Proteins are tiny, organic machines made of interlocking amino acids that assemble within the cell to carry out the chemical and biological processes that sustain life. Made primarily from carbon, hydrogen, oxygen, and nitrogen, these lean, mean nanomachines are composed of just 20 amino-acid molecules—elemental chemicals that form the basic blueprint of all living things. Yet so powerful are these proteins that they can speed up chemical reactions by as much as a quadrillion to nearly a sextillion (a thousand billion to a thousand trillion) times.
They begin life as a cluster of amino acids, but proteins cannot work until they "fold," changing from two-dimensional threads of amino acids to three-dimensional structures of bewildering complexity. They must fold correctly to avoid serious repercussions—researchers now think Alzheimer's disease may be due to faulty protein folding. Proteins must fold to their favored configuration in nature, called their "ground state," their lowest-energy, three-dimensional atomic structure. One of the central problems of biology is to unravel the rules that govern the folding of a protein's backbone and the packing of its side chains.
When tested in the industry standard, the models were found to be of unprecedented accuracy.
Working with amino acid sequence information alone, a group led by principal investigator David Baker of the University of Washington-Seattle developed Rosetta, a software package of computational algorithms to design proteins at the atomic scale and predict how they would fold. The software can identify low free-energy sequences for protein backbones, predict complex structure from amino acids, generate a fragments database, design proteins that target DNA sequences, and assemble fragments of RNA.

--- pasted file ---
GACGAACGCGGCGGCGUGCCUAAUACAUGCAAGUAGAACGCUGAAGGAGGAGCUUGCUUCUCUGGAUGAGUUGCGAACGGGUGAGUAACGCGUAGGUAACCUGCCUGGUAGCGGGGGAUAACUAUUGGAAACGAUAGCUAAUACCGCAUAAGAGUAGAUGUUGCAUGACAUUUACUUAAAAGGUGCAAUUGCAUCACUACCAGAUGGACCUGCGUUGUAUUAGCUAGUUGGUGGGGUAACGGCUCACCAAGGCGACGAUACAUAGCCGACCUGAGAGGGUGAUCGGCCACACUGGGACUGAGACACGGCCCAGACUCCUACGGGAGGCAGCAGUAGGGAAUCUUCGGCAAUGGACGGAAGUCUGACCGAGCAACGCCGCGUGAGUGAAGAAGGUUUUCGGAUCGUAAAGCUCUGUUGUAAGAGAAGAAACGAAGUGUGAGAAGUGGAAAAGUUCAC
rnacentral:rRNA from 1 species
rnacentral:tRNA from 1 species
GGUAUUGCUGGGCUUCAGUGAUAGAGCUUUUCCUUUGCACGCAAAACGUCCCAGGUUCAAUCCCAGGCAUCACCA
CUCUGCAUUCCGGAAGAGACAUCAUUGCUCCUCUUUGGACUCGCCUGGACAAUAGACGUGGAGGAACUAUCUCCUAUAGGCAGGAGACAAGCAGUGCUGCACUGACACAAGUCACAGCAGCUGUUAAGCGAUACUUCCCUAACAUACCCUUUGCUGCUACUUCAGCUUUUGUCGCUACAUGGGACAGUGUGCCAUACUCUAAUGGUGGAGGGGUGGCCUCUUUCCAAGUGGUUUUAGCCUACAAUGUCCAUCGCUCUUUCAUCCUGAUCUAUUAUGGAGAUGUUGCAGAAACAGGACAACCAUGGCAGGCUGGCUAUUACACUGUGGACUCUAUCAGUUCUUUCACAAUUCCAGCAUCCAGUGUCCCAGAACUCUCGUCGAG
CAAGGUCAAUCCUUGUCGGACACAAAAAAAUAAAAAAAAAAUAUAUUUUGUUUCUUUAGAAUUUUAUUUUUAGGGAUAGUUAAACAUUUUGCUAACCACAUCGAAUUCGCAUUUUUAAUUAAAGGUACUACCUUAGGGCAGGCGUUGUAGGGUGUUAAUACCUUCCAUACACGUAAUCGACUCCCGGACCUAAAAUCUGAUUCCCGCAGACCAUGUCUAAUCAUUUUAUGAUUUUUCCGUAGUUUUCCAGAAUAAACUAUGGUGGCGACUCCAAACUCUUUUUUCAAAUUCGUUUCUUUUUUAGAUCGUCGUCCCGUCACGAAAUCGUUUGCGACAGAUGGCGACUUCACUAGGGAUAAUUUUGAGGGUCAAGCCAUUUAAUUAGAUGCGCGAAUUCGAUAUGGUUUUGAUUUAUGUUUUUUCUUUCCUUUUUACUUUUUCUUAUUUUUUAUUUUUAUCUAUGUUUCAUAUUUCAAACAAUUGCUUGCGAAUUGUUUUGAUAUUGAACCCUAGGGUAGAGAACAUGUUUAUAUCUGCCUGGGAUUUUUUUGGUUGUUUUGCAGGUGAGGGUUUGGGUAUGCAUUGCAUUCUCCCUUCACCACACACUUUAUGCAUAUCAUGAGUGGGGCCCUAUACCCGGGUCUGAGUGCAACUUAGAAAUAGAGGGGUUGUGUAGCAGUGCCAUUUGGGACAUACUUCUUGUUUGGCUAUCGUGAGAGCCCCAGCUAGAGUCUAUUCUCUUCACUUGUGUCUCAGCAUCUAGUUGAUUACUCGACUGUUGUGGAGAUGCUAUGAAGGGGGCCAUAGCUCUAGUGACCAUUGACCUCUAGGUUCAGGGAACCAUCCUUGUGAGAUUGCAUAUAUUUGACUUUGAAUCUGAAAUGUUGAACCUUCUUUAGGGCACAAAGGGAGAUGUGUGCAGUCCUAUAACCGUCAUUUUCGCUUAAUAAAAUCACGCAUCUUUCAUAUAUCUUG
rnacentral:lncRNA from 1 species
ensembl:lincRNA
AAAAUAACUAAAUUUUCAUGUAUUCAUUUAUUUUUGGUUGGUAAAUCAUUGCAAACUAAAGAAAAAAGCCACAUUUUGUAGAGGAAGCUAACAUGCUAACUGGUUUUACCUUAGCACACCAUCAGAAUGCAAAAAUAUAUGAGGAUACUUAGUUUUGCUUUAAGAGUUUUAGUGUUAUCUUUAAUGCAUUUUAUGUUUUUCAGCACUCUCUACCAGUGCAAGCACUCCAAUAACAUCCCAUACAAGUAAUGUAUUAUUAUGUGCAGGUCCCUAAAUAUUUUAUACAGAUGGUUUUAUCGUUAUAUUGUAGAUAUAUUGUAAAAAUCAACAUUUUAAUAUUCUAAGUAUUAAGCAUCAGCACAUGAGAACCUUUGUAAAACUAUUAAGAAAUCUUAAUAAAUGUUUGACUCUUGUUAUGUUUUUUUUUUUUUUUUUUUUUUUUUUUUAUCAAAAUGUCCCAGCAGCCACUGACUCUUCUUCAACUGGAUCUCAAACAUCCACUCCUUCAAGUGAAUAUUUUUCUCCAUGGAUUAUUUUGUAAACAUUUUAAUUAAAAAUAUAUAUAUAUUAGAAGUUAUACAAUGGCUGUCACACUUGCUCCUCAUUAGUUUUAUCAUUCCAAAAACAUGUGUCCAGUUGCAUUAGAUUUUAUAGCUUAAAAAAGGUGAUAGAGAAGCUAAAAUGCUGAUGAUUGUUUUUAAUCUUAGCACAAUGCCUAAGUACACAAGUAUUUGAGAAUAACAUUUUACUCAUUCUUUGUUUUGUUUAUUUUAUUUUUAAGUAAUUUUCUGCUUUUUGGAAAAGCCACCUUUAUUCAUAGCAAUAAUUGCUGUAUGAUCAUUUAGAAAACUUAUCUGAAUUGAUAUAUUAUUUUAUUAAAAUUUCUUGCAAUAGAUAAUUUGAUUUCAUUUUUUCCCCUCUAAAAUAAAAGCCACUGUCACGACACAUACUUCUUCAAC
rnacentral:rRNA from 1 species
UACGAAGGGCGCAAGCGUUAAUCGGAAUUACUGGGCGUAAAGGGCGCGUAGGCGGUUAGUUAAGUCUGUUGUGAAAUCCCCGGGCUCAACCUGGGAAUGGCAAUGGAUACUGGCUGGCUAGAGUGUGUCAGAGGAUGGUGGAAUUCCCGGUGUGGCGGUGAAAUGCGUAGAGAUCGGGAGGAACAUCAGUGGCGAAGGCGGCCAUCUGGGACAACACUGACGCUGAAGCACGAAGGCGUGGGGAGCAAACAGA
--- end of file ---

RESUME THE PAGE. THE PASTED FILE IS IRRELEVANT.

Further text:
Using high-performance computing (HPC), they reconfigured and refined their models, selecting the best candidates. To predict the ground state, researchers solved the Schrödinger equation for crucial components of the protein. (This equation gives the quantum mechanical prediction for the ground state of any system.) When tested in the Critical Assessment of Techniques of Protein Structure Prediction, the industry standard, the models were found to be of unprecedented accuracy.
The group then created new enzymes from scratch for chemical reactions not found in nature. Enzymes are proteins that draw molecules into reactions, splitting off atoms from some, fusing others. The active site of an enzyme is where a protein docks and catalysis occurs. First, using Rosetta software and HPC, the team generated 180,000 possible enzyme models, eventually whittling these down to 72 whose active sites promised good results. Of these, 32 catalyzed the breaking of a carbon-carbon bond. Some accelerated the reaction by four orders of magnitude.
B. Qian, S. Raman, and R. Das, U. Washington–Seattle
Figure 3. Images are predictions produced by comparative modeling, with crystal structure (blue), the best template in the Protein Data Bank (red), and the best of five submitted Rosetta models (green) all superposed.
The group then designed enzymes to remove a proton attached to a carbon atom. After generating, refining, and selecting models with promising active sites, they used directed evolution (selecting for ideal properties using protein engineering) to increase efficiency at the enzyme's active site. Analysis confirmed that the catalysis occurred precisely at the computationally designed sites. The models were validated experimentally; Rosetta generated the amino-acid sequences, and these were grown in the lab. X-ray crystallography confirmed that the cyberproteins and the experimental ones were identical.